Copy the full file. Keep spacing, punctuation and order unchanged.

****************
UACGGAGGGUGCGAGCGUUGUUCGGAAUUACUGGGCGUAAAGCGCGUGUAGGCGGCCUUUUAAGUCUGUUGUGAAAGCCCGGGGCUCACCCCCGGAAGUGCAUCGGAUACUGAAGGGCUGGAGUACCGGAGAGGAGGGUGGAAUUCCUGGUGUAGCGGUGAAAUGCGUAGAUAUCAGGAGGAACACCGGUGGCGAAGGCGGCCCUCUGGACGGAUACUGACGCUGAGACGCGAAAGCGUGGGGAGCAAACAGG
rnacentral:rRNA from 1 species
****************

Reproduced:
UACGGAGGGUGCGAGCGUUGUUCGGAAUUACUGGGCGUAAAGCGCGUGUAGGCGGCCUUUUAAGUCUGUUGUGAAAGCCCGGGGCUCACCCCCGGAAGUGCAUCGGAUACUGAAGGGCUGGAGUACCGGAGAGGAGGGUGGAAUUCCUGGUGUAGCGGUGAAAUGCGUAGAUAUCAGGAGGAACACCGGUGGCGAAGGCGGCCCUCUGGACGGAUACUGACGCUGAGACGCGAAAGCGUGGGGAGCAAACAGG
rnacentral:rRNA from 1 species